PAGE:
DFP: Meaning of Film/Motion Picture

This unit talks about the meaning of a film or motion pictures.It explains what the films is and also looks at the persistence of vision.

Film is an art with a long standing history. It could be defined as a record of an image upon a sensitive material called cellulose through the action of light (Kogah, 1999). It is a medium of mass communication whose main component of production technology are the camera and editing equipment; the film projector being the main reception technology, (Anunike, 2005). To Uwakwe (2010), film comprises of individual frames which when shown in rapid successions gives the viewer the illusion of motion. According to Bittner (1989), the motion picture is a medium of mass communication which has touched every segment of the society, has touched and dealt with every subject and has reached every audience. And because some film makers combine entertainment with instruction, films make learning process more pleasurable. It could therefore be described as an art as well as a business which makes those who create it take pride in their creations. It is a significant medium of communication of ideas designed to entertain as well as inform its audiences (Biagi, 2002). Films are illusion of motion which could be used to teach people about history, science, arts, human behavior, culture, health and many other aspects of life.

All these definitions and descriptions of film or motion picture clearly show that films fulfill many roles in the society which are (a) they educate, (b) they enlighten (c) they inspire (d) they play back history (e) provide opportunity for social interactions (f) and they provide platforms for academic works.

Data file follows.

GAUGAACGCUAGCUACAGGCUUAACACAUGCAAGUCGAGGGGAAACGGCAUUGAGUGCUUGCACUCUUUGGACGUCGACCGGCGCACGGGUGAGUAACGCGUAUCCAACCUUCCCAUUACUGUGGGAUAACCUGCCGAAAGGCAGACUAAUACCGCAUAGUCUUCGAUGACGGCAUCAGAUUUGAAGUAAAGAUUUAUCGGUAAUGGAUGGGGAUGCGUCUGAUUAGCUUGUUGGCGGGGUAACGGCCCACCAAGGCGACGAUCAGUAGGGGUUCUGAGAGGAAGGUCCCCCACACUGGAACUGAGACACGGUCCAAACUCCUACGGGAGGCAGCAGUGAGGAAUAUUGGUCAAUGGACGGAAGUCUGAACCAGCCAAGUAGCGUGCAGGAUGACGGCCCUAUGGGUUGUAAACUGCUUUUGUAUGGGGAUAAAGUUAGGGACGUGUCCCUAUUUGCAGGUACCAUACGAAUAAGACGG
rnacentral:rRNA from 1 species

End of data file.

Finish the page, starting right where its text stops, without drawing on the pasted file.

What is Persistence of vision

Film comprises of individual frames which when shown in rapid successions gives the viewer the illusion of motion. The flickering between films is not visible due to an effect known as persistence of vision. Persistence of vision is the very foundation on which motion picture is based. It is a theory propounded in 1824 by Peter Mark Roget, a scientist and a French national. This theory states that when

still photographic frames are projected at the speed of 2 frames per second, there is bound to be an illusion of motion. This is likened to a mirage on a tarred road on a sunny afternoon. Just as there is no real water on the road, there is also no motion on the screen. This happens because at a particular speed, say the normal speed of 24 frames per second, the eye can no longer continue to notice the difference between successive frames resulting in the illusion of motion.

In this theory, Peter Roget explains that the human eye retains an object or image for some fractions of a second when the object has been removed and kept out of the viewer’s eye. This persistence of vision creates an illusion of motion. It is so described because what the eye sees is not real moving images but rather an illusion of motion resulting from rapid succession of countless still photographs. This phenomenon can be further explained thus because the viewer is looking at the pictures persistently with full concentration, the subconscious gives the illusion of movement that never be. In other words, due to intermittent recording coupled with a given speed of projection, the persistence of vision forces the subconscious mind to make wrong interpretation that turns out to be an illusion of movement.

This phenomenon, ie persistence of vision is quite different from the phi phenomenon. Although, these two, (phi phenomenon and persistence of vision) are the two quirks of the human perceptual system which make motion pictures and television possible, (Dominick, 2002). Phi phenomenon as described by Dominick (2002) refers to what happens when a person sees one light source go out while another one close to the original is illuminated. To our eyes, it looks like the light moves from one place to another.


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